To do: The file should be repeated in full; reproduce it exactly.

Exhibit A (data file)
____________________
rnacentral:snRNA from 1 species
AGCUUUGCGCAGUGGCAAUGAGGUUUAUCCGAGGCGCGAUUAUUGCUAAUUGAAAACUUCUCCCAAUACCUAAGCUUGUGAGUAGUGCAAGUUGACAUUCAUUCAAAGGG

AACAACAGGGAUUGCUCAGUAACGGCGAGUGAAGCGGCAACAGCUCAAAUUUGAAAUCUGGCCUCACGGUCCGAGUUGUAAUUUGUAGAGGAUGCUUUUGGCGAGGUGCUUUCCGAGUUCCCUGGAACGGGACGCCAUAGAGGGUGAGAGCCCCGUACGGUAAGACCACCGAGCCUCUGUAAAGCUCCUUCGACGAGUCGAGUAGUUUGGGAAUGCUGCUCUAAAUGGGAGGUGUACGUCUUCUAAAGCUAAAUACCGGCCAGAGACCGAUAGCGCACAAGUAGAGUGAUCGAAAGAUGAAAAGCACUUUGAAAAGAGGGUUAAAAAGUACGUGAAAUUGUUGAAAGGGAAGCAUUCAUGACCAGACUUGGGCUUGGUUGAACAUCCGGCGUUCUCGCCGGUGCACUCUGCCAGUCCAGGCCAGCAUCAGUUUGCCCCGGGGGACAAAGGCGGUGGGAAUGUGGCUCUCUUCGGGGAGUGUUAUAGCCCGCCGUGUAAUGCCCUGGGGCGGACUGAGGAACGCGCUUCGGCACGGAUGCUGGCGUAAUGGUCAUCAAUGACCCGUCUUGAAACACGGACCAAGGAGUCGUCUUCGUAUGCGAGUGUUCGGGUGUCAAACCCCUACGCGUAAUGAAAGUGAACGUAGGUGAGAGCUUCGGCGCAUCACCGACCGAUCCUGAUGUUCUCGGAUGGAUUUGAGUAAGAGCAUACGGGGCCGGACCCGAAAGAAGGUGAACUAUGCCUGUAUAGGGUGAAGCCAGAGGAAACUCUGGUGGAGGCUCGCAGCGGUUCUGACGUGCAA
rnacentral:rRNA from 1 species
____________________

rnacentral:snRNA from 1 species
AGCUUUGCGCAGUGGCAAUGAGGUUUAUCCGAGGCGCGAUUAUUGCUAAUUGAAAACUUCUCCCAAUACCUAAGCUUGUGAGUAGUGCAAGUUGACAUUCAUUCAAAGGG

AACAACAGGGAUUGCUCAGUAACGGCGAGUGAAGCGGCAACAGCUCAAAUUUGAAAUCUGGCCUCACGGUCCGAGUUGUAAUUUGUAGAGGAUGCUUUUGGCGAGGUGCUUUCCGAGUUCCCUGGAACGGGACGCCAUAGAGGGUGAGAGCCCCGUACGGUAAGACCACCGAGCCUCUGUAAAGCUCCUUCGACGAGUCGAGUAGUUUGGGAAUGCUGCUCUAAAUGGGAGGUGUACGUCUUCUAAAGCUAAAUACCGGCCAGAGACCGAUAGCGCACAAGUAGAGUGAUCGAAAGAUGAAAAGCACUUUGAAAAGAGGGUUAAAAAGUACGUGAAAUUGUUGAAAGGGAAGCAUUCAUGACCAGACUUGGGCUUGGUUGAACAUCCGGCGUUCUCGCCGGUGCACUCUGCCAGUCCAGGCCAGCAUCAGUUUGCCCCGGGGGACAAAGGCGGUGGGAAUGUGGCUCUCUUCGGGGAGUGUUAUAGCCCGCCGUGUAAUGCCCUGGGGCGGACUGAGGAACGCGCUUCGGCACGGAUGCUGGCGUAAUGGUCAUCAAUGACCCGUCUUGAAACACGGACCAAGGAGUCGUCUUCGUAUGCGAGUGUUCGGGUGUCAAACCCCUACGCGUAAUGAAAGUGAACGUAGGUGAGAGCUUCGGCGCAUCACCGACCGAUCCUGAUGUUCUCGGAUGGAUUUGAGUAAGAGCAUACGGGGCCGGACCCGAAAGAAGGUGAACUAUGCCUGUAUAGGGUGAAGCCAGAGGAAACUCUGGUGGAGGCUCGCAGCGGUUCUGACGUGCAA
rnacentral:rRNA from 1 species